Here’s the result, which you can see is a similar, though brighter, circle as the one we started with.
You might have expected something more dramatic, but this actually makes sense when you think about the light source, which is set to mimic the sun directly overhead. Because the elevation is high enough, it lights the circle evenly and brightens it.
If you change the elevation to something larger or smaller than 90 degrees, you’ll find the circle is a little less bright. I experimented with different values for the azimuth, though I couldn’t find any value that led to a noticeable change.
An fePointLight Example
Now let’s change the light source to fePointLight. Everything else in the example remains the same. We need to define the location of the light source and I used values of 140, 140, and 50 for x, y, and z.
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<svg width="100%" height="250" style="outline: 1px solid red"> <filter id="point"> <feDiffuseLighting in="SourceGraphic" result="light" lighting-color="white" surfaceScale="1" diffuseConstant="1" kernelUnitLength="1"> <fePointLight x="140" y="140" z=50" /> </feDiffuseLighting> <feComposite in="SourceGraphic" in2="light" operator="arithmetic" k1="1" k2="0" k3="0" k4="0" /> </filter> <circle cx="330" cy="125" r="100" fill="green" filter="url(#point)" /> </svg>
The result makes the circle appear as 3-dimensional sphere being lit from somewhere to the left and above. Changing the values of x and y will change the location of the sphere that’s lit.
Changing the value of z brings the light sources closer to or further from the sphere. Reducing the value will leave the overall sphere darker and leave a highlight over a smaller area. Increasing the value will do the opposite and if you increase the value of z to something like 500, you’ll effectively turn the point light into a distant light. The sphere will again look like a circle, albeit a brighter one than the original.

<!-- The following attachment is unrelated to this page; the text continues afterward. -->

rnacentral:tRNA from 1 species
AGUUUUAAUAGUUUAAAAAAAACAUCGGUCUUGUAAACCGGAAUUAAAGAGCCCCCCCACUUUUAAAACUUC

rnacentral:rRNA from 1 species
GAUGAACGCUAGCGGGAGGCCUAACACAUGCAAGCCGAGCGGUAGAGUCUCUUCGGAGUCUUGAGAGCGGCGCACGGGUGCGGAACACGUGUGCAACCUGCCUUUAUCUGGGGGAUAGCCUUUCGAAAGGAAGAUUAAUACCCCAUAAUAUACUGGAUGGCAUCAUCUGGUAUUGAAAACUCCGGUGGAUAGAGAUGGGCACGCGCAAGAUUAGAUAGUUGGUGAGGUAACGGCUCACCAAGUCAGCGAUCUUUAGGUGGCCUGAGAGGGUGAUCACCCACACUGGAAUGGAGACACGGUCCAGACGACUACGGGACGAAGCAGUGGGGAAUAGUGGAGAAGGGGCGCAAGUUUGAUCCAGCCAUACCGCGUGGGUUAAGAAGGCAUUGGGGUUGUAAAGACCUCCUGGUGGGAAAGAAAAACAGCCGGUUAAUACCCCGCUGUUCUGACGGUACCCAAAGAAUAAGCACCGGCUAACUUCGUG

An feSpotLight Example
Finally let’s try a spot light using feSpotLight. I had the most difficulty controlling the light using this light source. Again everything in the example is the same other than the light source.
With feSpotLight we need to define the location of the light source (x, y, x), where the light points (pointsAtX, pointsAtY, pointsAtZ), and the size of the area lit (limitingConeAngle).
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<svg width="100%" height="250" style="outline: 1px solid red"> <filter id="spot"> <feDiffuseLighting in="SourceGraphic" result="light" lighting-color="white"> <feSpotLight x="505" y=130" z="50" limitingConeAngle="15" pointsAtX="245" pointsAtY="230" pointsAtZ="0"/> </feDiffuseLighting> <feComposite in="SourceGraphic" in2="light" operator="arithmetic" k1="1" k2="0" k3="0" k4="0"/> </filter> <circle cx="330" cy="125" r="100" fill="green" filter="url(#spot)" /> </svg>